Although there has never been a reported case of killer whales eating a human, we chose to record our Kodak moments from the cockpit! We felt honored by the opportunity to observe these magnificent creatures frolicking in their natural environment.
Gibsons has a large protected harbour; it’s fun to walk the docks, checking out the various boats and dreaming of ownership. We “went Greek” at Leo’s for dinner and “went Beachcomber” at Molly’s Reach for breakfast. Our last day took us around the backside of Bowen Island into picturesque Howe Sound. Rounding Point Atkinson, we approached Vancouver “wing on wing” with many other sailboats enjoying the fine Sunday breezes.
All students had successfully completed the learning objectives, but as we neared Lion’s Gate Bridge, there was one more lesson to be learned. An outbound freighter was blowing its horn to warn the numerous boaters of its approach. We angled away, just as it turned and headed in our direction. A sharp right turn took us well out of the shipping lane as the freighter passed within 200 meters.
Shortly after, three Coast Guard officers in a Zodiac pulled alongside advising us that the Captain of the freighter had reported two sailboats in his path (they are required to do so if they lose sight of a boat from the bridge). He politely recommended we give freighters a wider birth as the Captain has limited visibility in front of his vessel. This lecture was not part of our curriculum, but proved to be a valuable learning experience for all of us.
Back at Sunsail, each student reported on his or her highlights. Everyone mentioned the Orca encounter and most referenced our time around Lasqueti: off the beaten path, scenic bays, the onion tree, and the magical walk on Jedediah. Others mentioned sailing in big winds, sharing responsibilities, learning new skills, and a sense of camaraderie that comes with working as a team at sea. All students expressed increased confidence and were eagerly discussing future circumnavigations — the “world” was now considered a possibility.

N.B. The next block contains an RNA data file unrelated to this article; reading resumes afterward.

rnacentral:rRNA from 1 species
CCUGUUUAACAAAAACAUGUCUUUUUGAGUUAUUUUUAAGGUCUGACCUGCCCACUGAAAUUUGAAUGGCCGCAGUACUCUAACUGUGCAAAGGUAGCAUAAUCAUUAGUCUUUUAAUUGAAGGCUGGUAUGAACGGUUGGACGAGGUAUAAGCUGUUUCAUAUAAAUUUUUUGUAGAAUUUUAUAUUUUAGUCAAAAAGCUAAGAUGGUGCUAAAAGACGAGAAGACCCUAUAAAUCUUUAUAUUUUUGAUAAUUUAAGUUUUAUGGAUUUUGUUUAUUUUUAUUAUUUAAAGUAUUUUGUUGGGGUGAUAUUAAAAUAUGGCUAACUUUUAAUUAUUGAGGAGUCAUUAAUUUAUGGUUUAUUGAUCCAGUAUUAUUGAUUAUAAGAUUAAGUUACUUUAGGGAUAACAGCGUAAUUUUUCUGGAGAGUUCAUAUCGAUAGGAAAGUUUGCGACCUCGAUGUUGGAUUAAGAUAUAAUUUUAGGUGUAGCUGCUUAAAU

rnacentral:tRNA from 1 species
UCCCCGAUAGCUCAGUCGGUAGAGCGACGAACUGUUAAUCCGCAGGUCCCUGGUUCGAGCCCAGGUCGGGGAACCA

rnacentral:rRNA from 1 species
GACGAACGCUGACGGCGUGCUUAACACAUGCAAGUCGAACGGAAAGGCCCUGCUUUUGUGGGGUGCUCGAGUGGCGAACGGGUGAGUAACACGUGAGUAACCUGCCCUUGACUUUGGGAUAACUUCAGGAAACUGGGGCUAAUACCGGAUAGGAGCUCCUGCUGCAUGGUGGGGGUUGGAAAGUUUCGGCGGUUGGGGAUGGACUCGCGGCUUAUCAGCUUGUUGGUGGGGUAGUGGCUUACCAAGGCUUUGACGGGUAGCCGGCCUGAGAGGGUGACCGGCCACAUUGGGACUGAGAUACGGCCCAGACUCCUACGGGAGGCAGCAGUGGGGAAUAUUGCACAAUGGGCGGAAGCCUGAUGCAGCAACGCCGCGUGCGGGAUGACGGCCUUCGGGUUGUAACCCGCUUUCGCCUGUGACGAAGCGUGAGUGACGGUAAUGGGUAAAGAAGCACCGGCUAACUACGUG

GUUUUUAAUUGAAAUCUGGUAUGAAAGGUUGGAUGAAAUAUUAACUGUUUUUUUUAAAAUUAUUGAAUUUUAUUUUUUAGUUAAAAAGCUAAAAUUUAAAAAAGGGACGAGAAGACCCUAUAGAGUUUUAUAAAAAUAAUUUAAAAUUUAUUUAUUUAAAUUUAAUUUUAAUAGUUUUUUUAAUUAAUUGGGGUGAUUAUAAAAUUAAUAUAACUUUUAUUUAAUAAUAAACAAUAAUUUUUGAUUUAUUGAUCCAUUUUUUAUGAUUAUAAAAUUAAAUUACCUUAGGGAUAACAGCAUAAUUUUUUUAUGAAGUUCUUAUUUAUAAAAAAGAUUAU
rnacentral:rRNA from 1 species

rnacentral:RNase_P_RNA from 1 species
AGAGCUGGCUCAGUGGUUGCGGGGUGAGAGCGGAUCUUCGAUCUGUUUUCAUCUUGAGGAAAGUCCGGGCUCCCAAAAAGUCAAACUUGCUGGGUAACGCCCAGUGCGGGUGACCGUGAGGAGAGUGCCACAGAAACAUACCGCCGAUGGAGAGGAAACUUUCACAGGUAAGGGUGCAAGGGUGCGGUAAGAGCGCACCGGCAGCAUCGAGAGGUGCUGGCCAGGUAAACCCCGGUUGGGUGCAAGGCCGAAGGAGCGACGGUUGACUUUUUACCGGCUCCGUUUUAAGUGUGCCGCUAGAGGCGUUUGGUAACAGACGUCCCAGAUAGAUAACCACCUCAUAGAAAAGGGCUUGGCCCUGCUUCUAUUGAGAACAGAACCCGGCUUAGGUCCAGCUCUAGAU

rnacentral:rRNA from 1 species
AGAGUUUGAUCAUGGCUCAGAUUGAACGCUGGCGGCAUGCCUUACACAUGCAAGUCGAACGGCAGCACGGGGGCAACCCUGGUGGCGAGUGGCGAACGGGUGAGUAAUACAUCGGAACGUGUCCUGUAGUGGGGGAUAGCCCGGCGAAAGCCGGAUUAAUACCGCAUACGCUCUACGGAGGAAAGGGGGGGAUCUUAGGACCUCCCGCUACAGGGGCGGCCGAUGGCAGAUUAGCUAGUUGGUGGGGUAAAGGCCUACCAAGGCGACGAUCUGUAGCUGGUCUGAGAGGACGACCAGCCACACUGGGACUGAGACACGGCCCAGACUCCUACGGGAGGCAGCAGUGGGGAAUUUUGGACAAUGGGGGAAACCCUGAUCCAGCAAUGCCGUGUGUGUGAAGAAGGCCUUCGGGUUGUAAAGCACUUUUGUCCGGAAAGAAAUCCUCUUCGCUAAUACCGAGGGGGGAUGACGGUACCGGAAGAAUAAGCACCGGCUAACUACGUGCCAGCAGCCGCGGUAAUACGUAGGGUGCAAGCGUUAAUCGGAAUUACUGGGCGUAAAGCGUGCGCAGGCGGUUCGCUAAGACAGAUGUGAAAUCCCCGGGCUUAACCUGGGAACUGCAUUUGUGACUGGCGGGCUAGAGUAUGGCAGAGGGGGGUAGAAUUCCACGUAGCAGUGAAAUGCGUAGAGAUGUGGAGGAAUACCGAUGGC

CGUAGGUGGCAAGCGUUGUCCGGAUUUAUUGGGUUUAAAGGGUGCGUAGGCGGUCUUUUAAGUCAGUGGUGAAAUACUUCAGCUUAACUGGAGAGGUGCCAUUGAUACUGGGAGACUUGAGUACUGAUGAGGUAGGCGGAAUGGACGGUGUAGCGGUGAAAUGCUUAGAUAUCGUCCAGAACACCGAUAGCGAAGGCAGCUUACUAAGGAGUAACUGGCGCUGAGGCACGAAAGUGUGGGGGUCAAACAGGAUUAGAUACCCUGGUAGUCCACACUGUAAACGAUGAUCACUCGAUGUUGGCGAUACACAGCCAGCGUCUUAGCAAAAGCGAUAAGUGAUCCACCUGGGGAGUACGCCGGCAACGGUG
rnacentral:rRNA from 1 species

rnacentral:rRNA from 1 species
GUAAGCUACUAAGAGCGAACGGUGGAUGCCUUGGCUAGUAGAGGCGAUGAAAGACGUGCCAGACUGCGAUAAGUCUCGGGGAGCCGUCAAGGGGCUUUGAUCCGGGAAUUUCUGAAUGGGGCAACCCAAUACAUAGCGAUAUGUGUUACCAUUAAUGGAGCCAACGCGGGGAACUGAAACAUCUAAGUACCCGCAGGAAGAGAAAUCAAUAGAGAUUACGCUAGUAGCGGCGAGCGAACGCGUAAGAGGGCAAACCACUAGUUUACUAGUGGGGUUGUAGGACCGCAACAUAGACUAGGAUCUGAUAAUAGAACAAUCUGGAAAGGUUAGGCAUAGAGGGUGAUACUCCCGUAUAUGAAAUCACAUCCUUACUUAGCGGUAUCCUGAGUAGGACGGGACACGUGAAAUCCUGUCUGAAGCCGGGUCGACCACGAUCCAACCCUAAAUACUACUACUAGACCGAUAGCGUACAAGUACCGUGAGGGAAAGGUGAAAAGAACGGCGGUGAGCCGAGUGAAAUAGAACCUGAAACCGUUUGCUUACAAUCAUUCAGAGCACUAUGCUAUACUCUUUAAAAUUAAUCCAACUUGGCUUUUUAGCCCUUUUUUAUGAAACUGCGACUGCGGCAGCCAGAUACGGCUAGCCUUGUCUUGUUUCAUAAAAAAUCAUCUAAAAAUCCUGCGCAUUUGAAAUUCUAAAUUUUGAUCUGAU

A final word of advice: Learn, then cruise
If you’re considering a cruise, either through a charter company or perhaps on your own boat, the author strongly advises that you “learn before you cruise.” Sailing away on a live-aboard yacht can be a fun-filled adventure, one that can turn dreams into reality. It can also be a terrifying disaster for those with little knowledge or experience. Fortunately, knowledge can be acquired through classroom courses provided in Canada by the Canadian Power & Sail Squadrons, and in the United States by the US Power & Sail Squadrons. These courses range from Basic Boating to Advanced Piloting and Celestial Navigation.
Experience can be acquired through the Canadian Yachting Association and through charter companies such as Sunsail which offer “hands on” courses where students spend time on the water under the guidance of a qualified instructor. When you begin to feel confident handling a big boat, consider going on a flotilla charter where you are in charge of a yacht but a qualified skipper is on a nearby boat to offer support if required. Sunsail also offers flotilla sailing at several of their bases around the world.
Increased confidence comes with increased knowledge and experience — there are no shortcuts to safe boating.
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Canadian Power & Sail Squadrons
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US Power & Sail Squadrons